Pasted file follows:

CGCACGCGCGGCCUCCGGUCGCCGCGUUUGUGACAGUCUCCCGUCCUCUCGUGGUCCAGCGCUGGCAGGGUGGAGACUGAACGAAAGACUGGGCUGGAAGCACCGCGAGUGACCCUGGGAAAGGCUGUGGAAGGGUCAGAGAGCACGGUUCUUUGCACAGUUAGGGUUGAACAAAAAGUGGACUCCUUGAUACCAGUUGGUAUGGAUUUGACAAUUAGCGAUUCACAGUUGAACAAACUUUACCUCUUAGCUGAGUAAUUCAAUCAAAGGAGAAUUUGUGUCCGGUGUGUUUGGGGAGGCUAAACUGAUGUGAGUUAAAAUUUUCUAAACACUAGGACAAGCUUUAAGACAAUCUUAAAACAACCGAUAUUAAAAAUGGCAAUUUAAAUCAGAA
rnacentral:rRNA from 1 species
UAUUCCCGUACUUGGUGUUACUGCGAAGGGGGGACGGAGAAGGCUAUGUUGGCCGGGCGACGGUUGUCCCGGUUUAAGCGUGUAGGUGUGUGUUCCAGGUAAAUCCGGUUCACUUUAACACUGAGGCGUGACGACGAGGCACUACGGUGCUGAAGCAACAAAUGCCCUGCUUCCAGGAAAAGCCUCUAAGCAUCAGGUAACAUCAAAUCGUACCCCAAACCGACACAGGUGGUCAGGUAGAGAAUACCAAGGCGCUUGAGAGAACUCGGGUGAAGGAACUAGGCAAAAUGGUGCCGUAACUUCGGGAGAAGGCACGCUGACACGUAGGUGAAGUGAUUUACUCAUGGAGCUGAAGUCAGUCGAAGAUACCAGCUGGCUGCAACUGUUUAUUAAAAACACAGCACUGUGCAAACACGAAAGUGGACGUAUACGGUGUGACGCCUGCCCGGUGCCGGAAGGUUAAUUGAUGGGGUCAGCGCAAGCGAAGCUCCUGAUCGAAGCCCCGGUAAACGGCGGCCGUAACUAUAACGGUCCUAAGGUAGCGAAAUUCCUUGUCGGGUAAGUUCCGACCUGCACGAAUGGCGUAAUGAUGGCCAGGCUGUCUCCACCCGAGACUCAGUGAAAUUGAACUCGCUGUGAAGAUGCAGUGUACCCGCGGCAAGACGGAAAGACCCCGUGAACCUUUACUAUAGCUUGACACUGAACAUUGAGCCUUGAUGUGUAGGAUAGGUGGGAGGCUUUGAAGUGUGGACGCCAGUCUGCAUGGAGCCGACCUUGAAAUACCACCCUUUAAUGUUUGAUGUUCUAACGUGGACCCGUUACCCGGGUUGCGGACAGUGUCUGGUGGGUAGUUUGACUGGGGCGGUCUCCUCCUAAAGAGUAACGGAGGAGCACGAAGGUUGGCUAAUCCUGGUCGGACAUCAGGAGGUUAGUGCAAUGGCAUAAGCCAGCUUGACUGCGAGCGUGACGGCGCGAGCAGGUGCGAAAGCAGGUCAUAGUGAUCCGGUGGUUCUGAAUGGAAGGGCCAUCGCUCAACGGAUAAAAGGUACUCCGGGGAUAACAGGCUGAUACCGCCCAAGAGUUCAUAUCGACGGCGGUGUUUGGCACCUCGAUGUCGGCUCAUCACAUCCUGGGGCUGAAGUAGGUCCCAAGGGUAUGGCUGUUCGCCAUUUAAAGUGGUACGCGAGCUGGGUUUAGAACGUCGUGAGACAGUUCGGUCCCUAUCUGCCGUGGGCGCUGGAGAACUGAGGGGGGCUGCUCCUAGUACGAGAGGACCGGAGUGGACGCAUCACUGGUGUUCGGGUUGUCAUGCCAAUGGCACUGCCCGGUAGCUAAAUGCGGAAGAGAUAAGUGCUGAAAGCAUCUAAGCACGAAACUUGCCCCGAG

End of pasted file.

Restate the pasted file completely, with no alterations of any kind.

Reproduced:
CGCACGCGCGGCCUCCGGUCGCCGCGUUUGUGACAGUCUCCCGUCCUCUCGUGGUCCAGCGCUGGCAGGGUGGAGACUGAACGAAAGACUGGGCUGGAAGCACCGCGAGUGACCCUGGGAAAGGCUGUGGAAGGGUCAGAGAGCACGGUUCUUUGCACAGUUAGGGUUGAACAAAAAGUGGACUCCUUGAUACCAGUUGGUAUGGAUUUGACAAUUAGCGAUUCACAGUUGAACAAACUUUACCUCUUAGCUGAGUAAUUCAAUCAAAGGAGAAUUUGUGUCCGGUGUGUUUGGGGAGGCUAAACUGAUGUGAGUUAAAAUUUUCUAAACACUAGGACAAGCUUUAAGACAAUCUUAAAACAACCGAUAUUAAAAAUGGCAAUUUAAAUCAGAA
rnacentral:rRNA from 1 species
UAUUCCCGUACUUGGUGUUACUGCGAAGGGGGGACGGAGAAGGCUAUGUUGGCCGGGCGACGGUUGUCCCGGUUUAAGCGUGUAGGUGUGUGUUCCAGGUAAAUCCGGUUCACUUUAACACUGAGGCGUGACGACGAGGCACUACGGUGCUGAAGCAACAAAUGCCCUGCUUCCAGGAAAAGCCUCUAAGCAUCAGGUAACAUCAAAUCGUACCCCAAACCGACACAGGUGGUCAGGUAGAGAAUACCAAGGCGCUUGAGAGAACUCGGGUGAAGGAACUAGGCAAAAUGGUGCCGUAACUUCGGGAGAAGGCACGCUGACACGUAGGUGAAGUGAUUUACUCAUGGAGCUGAAGUCAGUCGAAGAUACCAGCUGGCUGCAACUGUUUAUUAAAAACACAGCACUGUGCAAACACGAAAGUGGACGUAUACGGUGUGACGCCUGCCCGGUGCCGGAAGGUUAAUUGAUGGGGUCAGCGCAAGCGAAGCUCCUGAUCGAAGCCCCGGUAAACGGCGGCCGUAACUAUAACGGUCCUAAGGUAGCGAAAUUCCUUGUCGGGUAAGUUCCGACCUGCACGAAUGGCGUAAUGAUGGCCAGGCUGUCUCCACCCGAGACUCAGUGAAAUUGAACUCGCUGUGAAGAUGCAGUGUACCCGCGGCAAGACGGAAAGACCCCGUGAACCUUUACUAUAGCUUGACACUGAACAUUGAGCCUUGAUGUGUAGGAUAGGUGGGAGGCUUUGAAGUGUGGACGCCAGUCUGCAUGGAGCCGACCUUGAAAUACCACCCUUUAAUGUUUGAUGUUCUAACGUGGACCCGUUACCCGGGUUGCGGACAGUGUCUGGUGGGUAGUUUGACUGGGGCGGUCUCCUCCUAAAGAGUAACGGAGGAGCACGAAGGUUGGCUAAUCCUGGUCGGACAUCAGGAGGUUAGUGCAAUGGCAUAAGCCAGCUUGACUGCGAGCGUGACGGCGCGAGCAGGUGCGAAAGCAGGUCAUAGUGAUCCGGUGGUUCUGAAUGGAAGGGCCAUCGCUCAACGGAUAAAAGGUACUCCGGGGAUAACAGGCUGAUACCGCCCAAGAGUUCAUAUCGACGGCGGUGUUUGGCACCUCGAUGUCGGCUCAUCACAUCCUGGGGCUGAAGUAGGUCCCAAGGGUAUGGCUGUUCGCCAUUUAAAGUGGUACGCGAGCUGGGUUUAGAACGUCGUGAGACAGUUCGGUCCCUAUCUGCCGUGGGCGCUGGAGAACUGAGGGGGGCUGCUCCUAGUACGAGAGGACCGGAGUGGACGCAUCACUGGUGUUCGGGUUGUCAUGCCAAUGGCACUGCCCGGUAGCUAAAUGCGGAAGAGAUAAGUGCUGAAAGCAUCUAAGCACGAAACUUGCCCCGAG